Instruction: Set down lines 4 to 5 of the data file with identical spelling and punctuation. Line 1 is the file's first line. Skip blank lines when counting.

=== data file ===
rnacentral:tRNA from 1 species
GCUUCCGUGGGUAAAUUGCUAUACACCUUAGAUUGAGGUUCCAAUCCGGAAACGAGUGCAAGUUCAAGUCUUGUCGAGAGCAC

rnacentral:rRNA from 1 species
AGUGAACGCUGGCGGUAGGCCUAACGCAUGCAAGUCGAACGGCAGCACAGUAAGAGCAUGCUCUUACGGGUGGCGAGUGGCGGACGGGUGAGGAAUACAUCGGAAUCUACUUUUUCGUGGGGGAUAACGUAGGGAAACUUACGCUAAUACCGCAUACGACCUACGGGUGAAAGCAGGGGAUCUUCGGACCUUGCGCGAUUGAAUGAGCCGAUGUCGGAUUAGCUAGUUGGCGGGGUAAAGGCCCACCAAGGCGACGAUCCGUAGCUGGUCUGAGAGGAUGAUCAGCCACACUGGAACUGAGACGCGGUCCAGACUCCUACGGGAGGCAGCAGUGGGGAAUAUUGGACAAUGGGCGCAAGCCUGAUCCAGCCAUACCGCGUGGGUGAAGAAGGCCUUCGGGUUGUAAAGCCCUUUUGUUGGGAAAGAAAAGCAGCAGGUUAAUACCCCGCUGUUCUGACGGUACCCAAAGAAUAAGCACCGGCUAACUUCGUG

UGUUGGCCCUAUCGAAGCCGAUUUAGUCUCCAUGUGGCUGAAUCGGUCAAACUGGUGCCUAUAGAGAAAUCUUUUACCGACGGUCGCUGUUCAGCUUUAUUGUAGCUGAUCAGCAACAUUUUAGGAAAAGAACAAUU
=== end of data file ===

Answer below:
AGUGAACGCUGGCGGUAGGCCUAACGCAUGCAAGUCGAACGGCAGCACAGUAAGAGCAUGCUCUUACGGGUGGCGAGUGGCGGACGGGUGAGGAAUACAUCGGAAUCUACUUUUUCGUGGGGGAUAACGUAGGGAAACUUACGCUAAUACCGCAUACGACCUACGGGUGAAAGCAGGGGAUCUUCGGACCUUGCGCGAUUGAAUGAGCCGAUGUCGGAUUAGCUAGUUGGCGGGGUAAAGGCCCACCAAGGCGACGAUCCGUAGCUGGUCUGAGAGGAUGAUCAGCCACACUGGAACUGAGACGCGGUCCAGACUCCUACGGGAGGCAGCAGUGGGGAAUAUUGGACAAUGGGCGCAAGCCUGAUCCAGCCAUACCGCGUGGGUGAAGAAGGCCUUCGGGUUGUAAAGCCCUUUUGUUGGGAAAGAAAAGCAGCAGGUUAAUACCCCGCUGUUCUGACGGUACCCAAAGAAUAAGCACCGGCUAACUUCGUG

UGUUGGCCCUAUCGAAGCCGAUUUAGUCUCCAUGUGGCUGAAUCGGUCAAACUGGUGCCUAUAGAGAAAUCUUUUACCGACGGUCGCUGUUCAGCUUUAUUGUAGCUGAUCAGCAACAUUUUAGGAAAAGAACAAUU